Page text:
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The 5 most bonkers scenes from Lifetime’s ‘College Admissions Scandal’ movie

From left: Michael Shanks as Rick Singer, Mia Kirshner as Bethany, Penelope Ann Miller as Caroline and Sam Duke as Danny in "The College Admissions Scandal." (Sergei Bachlakov/Lifetime)

It is here. It has arrived. The Lifetime movie version of the college admissions scandal — evocatively titled “The College Admissions Scandal" — aired Saturday night. And it is, as anticipated, pretty bonkers. (Even if the real-life story might be crazier than any film Lifetime could produce.)

The main thing you need to know: No, sadly, this movie isn’t about Lori Loughlin or Felicity Huffman, the highest-profile names in the FBI’s sensational Operation Varsity Blues in which nearly 50 wealthy parents were accused of facilitating bribes to get their children into prestigious universities. Last month, Huffman was sentenced to two weeks in jail for paying $15,000 for someone to correct her daughter’s SAT answers. Loughlin’s case is still pending, but she is accused of paying $500,000 to get her daughters enrolled as crew recruits at the University of Southern California, although neither rowed crew.

Instead the film focuses on the fictional “Caroline" and “Bethany,” an interior decorator and a money manager obsessed with getting their kids into Stanford and Yale, respectively. Of course, this backfires spectacularly when they get involved with Rick Singer, a “consultant” who promises parents he knows exactly what these prestigious schools are looking for in applicants — and for a few extra hundred- thousand dollars, he can throw in some “extra” services, like inflated SAT scores or bribes to athletic coaches who will recruit your kid for their team even if they don’t play the sport.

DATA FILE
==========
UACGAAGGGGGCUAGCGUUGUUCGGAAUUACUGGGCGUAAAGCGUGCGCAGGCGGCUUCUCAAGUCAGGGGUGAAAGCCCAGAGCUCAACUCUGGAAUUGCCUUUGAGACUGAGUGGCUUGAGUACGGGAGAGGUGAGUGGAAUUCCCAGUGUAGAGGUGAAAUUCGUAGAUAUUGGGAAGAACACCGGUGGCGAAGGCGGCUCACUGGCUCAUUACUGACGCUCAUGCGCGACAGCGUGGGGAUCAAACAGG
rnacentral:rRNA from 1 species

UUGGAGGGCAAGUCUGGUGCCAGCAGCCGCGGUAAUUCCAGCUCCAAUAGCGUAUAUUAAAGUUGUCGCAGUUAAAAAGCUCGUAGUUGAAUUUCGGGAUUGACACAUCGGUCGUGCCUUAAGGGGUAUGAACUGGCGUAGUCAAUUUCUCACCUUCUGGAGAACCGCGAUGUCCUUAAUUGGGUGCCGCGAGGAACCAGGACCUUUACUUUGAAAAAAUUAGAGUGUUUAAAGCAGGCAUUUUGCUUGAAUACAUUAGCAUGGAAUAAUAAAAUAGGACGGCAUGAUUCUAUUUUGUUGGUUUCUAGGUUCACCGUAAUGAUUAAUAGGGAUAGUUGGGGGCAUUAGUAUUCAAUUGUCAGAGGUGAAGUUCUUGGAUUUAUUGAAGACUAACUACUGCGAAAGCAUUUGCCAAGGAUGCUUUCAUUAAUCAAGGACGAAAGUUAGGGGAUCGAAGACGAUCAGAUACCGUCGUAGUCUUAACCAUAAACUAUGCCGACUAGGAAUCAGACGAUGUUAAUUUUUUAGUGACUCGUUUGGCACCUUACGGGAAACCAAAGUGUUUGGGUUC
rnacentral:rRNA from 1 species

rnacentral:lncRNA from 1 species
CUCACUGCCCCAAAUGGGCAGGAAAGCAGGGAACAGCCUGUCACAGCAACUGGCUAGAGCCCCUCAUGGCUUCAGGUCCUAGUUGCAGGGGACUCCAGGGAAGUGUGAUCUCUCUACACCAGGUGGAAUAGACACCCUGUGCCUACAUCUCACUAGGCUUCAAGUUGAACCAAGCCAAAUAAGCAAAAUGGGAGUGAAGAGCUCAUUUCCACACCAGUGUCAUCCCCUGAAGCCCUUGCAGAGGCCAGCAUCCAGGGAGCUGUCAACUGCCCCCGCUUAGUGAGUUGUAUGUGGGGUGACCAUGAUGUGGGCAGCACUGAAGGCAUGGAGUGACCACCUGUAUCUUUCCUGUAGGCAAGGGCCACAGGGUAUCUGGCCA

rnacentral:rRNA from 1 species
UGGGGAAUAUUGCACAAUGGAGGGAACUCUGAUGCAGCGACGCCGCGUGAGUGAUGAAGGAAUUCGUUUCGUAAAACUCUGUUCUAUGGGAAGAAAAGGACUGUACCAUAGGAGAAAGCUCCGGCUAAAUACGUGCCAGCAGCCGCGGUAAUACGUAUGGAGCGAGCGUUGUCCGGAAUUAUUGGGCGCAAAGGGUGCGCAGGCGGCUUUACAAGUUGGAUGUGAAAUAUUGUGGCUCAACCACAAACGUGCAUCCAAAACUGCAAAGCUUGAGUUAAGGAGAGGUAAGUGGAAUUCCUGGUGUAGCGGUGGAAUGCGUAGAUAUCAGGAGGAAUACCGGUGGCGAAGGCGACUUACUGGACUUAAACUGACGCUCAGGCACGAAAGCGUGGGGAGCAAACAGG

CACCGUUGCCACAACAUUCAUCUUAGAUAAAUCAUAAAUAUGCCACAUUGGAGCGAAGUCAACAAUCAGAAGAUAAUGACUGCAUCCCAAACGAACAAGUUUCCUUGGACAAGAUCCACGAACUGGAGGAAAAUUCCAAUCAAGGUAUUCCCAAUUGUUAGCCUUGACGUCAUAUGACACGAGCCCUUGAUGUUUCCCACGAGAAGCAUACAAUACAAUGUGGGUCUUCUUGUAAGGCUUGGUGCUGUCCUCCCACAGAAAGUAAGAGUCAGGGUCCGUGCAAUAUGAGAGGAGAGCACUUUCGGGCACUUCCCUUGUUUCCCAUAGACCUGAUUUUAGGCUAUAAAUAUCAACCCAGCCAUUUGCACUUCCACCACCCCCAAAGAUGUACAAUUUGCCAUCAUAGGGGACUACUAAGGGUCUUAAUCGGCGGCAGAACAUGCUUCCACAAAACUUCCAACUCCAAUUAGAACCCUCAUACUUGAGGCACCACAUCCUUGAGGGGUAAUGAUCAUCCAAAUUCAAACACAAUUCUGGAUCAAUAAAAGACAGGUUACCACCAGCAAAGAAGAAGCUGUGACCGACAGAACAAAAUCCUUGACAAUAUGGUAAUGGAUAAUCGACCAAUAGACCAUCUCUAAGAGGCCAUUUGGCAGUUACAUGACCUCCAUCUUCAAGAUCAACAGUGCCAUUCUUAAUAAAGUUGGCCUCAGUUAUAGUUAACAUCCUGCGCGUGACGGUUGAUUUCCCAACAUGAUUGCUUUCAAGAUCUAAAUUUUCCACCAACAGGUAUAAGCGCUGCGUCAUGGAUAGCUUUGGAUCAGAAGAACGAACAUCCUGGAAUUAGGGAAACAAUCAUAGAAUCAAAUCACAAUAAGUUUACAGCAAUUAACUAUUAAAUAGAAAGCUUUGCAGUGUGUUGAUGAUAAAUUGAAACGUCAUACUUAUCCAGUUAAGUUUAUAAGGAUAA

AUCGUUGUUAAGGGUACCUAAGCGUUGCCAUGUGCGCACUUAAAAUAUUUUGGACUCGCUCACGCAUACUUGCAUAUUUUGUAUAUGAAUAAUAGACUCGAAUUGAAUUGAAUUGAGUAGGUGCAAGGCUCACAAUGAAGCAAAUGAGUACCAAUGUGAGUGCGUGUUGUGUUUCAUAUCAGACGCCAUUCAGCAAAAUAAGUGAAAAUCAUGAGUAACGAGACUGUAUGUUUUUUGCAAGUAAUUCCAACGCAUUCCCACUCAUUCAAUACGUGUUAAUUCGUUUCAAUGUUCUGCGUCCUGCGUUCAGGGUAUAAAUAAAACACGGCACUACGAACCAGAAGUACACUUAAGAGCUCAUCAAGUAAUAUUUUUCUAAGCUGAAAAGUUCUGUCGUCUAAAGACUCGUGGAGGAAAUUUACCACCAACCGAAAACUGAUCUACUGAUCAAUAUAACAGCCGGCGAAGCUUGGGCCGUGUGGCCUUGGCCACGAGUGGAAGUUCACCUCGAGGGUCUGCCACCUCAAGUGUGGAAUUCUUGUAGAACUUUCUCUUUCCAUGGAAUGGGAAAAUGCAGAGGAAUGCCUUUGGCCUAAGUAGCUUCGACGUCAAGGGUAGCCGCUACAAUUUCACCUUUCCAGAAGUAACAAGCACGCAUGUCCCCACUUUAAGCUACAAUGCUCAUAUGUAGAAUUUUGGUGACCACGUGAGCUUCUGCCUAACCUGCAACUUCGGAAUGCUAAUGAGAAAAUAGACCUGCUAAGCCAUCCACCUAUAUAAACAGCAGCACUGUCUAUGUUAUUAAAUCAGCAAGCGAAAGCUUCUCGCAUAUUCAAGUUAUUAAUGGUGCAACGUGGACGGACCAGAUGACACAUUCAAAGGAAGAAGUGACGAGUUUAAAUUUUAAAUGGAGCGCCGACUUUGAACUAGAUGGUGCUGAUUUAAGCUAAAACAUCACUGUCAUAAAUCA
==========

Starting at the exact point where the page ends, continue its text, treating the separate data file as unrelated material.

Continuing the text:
The movie is careful to say it’s inspired by true events — the real-life Singer has pleaded guilty in connection with the scam — but with the disclaimer that it’s fictionalized for dramatic purposes and any similarity to real-life situations are not intentional. Still, here are the five craziest scenes:

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1) The “Emory zone.”

The movie has a great deal of fun skewering stressed-out helicopter moms and dads fixated on brand-name colleges. At one point, a group of concerned rich parents gathers at a local coffee shop. “Molly barely broke 1300,” one mom says, sounding on the verge of tears because that’s not even in the “Emory zone,” referring to Emory University. While Molly is trying to up her philanthropy game by tutoring abused kids at a homeless shelter, that apparently doesn’t matter to college admissions officers anymore — these days, you have to start your own charitable program and get press coverage for it.

“This is gonna kill me. This is absolutely gonna kill me,” the mom moans. Then they turn their attention to Caroline: How did her Danny do on the SATs?

Caroline looks as if she is delivering the news of a terminal illness; viewers already know that Danny has more interest in his band than going to college. “You know boys that age and testing,” she says, trying to sound breezy. “But we are siccing an army of tutors on him.”

“How bad was it?” one mom prods.

Caroline pauses. “High 12s," she says quietly. Cue the gasps.

That’s when Bethany strolls into the conversation with coffee in hand and a villainous smirk on her face. “It sounds like we’re all burning in the same inferno,” she says; after all, her daughter Emma isn’t exactly a testing whiz. That’s when Bethany makes the fateful suggestion: Have they ever heard of a college consultant named Rick Singer?

2) Meet Rick Singer.